My Jonah Experience – Freedom Summer 1964


don neadDon Nead (one of the original members of the LUM dream team and retired Presbyterian campus minister) and his wife, Caryl, were recently invited to an advanced screening of the PBS American Experience new film, Freedom Summer. When Don Nead responded to the invitation he shared that he had been directly involved in the Freedom Ballot work in Mississippi in the spring of 1964. WFYI then asked if Don would be willing to share some of his stories from that work. And of course his response was YES.
As a member of the Presbyterian Church USA staff working in Texas in the early 1960s, Don Nead had an opportunity to travel to Hattiesburg, Mississippi in April of 1964 to participate in the voter registration initiative called the Freedom Ballot. Don’s eyes were soon open to the seriousness of the racial issues in Mississippi at the time and the difficulties faced particularly by African-Americans to simply register and vote — issues that have reappeared in today’s political landscape. It wasn’t until this invitation to attend the preview of the American Experience: Freedom Summer, that Don Nead wrote and spoke about his reflections and experiences of that historic work. Don Nead shared his story last week; and now he invites you — and LUM encourages you — to read his entire story below entitled “My Jonah Experience – Trip to Mississippi to Participate in the Freedom Ballot Voter Registration Campaign in Hattiesburg.”

My Jonah Experience
Trip to Mississippi to Participate in the Freedom Ballot Voter Registration Campaign in Hattiesburg, Mississippi – April 6-10, 1964

by Don Nead

50LogoSquare_new_450The Presbyterian Church, USA, was involved in the Civil Rights Struggle of the early 1960s in several different ways. Through its Social Education and Action program a Commission on Race and Religion was established with a staff of three at the national level. Since I was a member of the Board of Christian Education Field Staff I got to know this staff pretty well and spent time with them at national meetings of the Board. They were involved in recruiting PCUSA clergy to go to Hattiesburg in late 1963 and through the year of 1964. This was also true for a number of other denominations. The clergy involvement was to be as support and witnesses to the work of the “freedom ballot” workers who were attempting to register African-Americans to vote in the 1964 elections. It was a protest against the restrictive voting laws in the state of Mississippi.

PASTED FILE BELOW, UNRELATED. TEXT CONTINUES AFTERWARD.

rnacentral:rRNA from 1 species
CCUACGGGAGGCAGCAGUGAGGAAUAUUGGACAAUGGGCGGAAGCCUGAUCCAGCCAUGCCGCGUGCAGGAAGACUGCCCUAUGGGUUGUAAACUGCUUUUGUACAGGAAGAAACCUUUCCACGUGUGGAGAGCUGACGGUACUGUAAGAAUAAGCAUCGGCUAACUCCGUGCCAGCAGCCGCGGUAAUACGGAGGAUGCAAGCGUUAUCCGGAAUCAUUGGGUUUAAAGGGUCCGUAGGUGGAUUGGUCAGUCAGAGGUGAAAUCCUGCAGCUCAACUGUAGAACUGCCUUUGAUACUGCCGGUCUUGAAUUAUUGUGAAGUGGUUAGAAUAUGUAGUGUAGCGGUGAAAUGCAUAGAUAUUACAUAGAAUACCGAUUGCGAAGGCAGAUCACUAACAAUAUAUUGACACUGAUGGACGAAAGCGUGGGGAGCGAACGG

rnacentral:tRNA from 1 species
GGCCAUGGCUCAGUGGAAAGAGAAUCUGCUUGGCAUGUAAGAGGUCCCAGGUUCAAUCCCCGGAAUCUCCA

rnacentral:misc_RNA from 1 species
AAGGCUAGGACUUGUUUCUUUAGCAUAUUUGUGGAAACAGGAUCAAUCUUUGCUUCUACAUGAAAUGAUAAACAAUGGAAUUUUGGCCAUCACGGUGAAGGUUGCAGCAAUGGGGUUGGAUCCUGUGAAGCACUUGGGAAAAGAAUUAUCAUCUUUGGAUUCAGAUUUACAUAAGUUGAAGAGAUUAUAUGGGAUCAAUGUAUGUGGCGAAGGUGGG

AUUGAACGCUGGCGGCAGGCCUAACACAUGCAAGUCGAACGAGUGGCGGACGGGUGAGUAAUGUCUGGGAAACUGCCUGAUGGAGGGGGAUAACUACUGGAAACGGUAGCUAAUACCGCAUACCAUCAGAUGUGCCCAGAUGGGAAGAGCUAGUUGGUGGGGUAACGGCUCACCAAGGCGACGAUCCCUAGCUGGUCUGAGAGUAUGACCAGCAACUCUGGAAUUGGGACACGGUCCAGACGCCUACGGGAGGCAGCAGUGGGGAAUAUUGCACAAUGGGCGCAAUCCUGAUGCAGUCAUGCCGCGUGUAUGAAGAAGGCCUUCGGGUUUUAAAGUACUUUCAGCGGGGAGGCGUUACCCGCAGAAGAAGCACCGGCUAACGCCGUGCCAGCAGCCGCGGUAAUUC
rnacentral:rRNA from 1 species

I was living in Denton, Texas at the time and was a member of the Synod Staff of the United PCUSA (covering the states of Texas and Louisiana). Early in 1964 at a national meeting Metx Rollins, one of the staff members of the Commission on Religion and Race confronted me with an invitation to go to Hattiesburg and gave me the specific dates. I looked at my calendar and said that I was sorry but I had two commitments that particular week that were stated meetings and could not be moved. So he said OK, but they would call again. It was about three weeks later when I got call from Metx and he had another set of dates, and again I had conflicts and had to say no. Then about a month later he called again and this time I looked at my calendar and the week was without meetings, and so I had no other alternative then to say I would go.

After making the decision to make this journey I informed my boss, the Synod Executive, J. Hoytt Boles, that I was doing it and asked him if he would help me if I was arrested. He said that he could not support the idea of what I was doing, but that if I ran into trouble he would personally step up and help me with financial aid to pay for legal assistance, if I got into trouble.

Freedom Summer volunteers and locals canvass in Mississippi in 1964 to get black people to the polls. Photo by Ted Polumbaum/Newseum

Freedom Summer volunteers and locals canvass in Mississippi in 1964 to get black people to the polls. Photo by Ted Polumbaum/Newseum

So on the morning of April 6, 1964, I headed for Hattiesburg and arrived there in late afternoon. I had good directions and so I made my way to the church where we were to stay and where daily meetings were held to lay out the work of the day. The work to be done was picketing the courthouse for a couple of hours each day, generally in the morning. Then in the afternoon we were paired with a young African-American man to do canvassing in the black communities of Hattiesburg, to get people to register for the Freedom Ballot vote. Each evening in one of the African-American churches of Hattiesburg they held a prayer meeting and worship service. Each evening the service was closed with the singing of We Shall Overcome, and in that context this spiritual took on a new meaning for me, because it was sung not only as a prayer, but also a statement!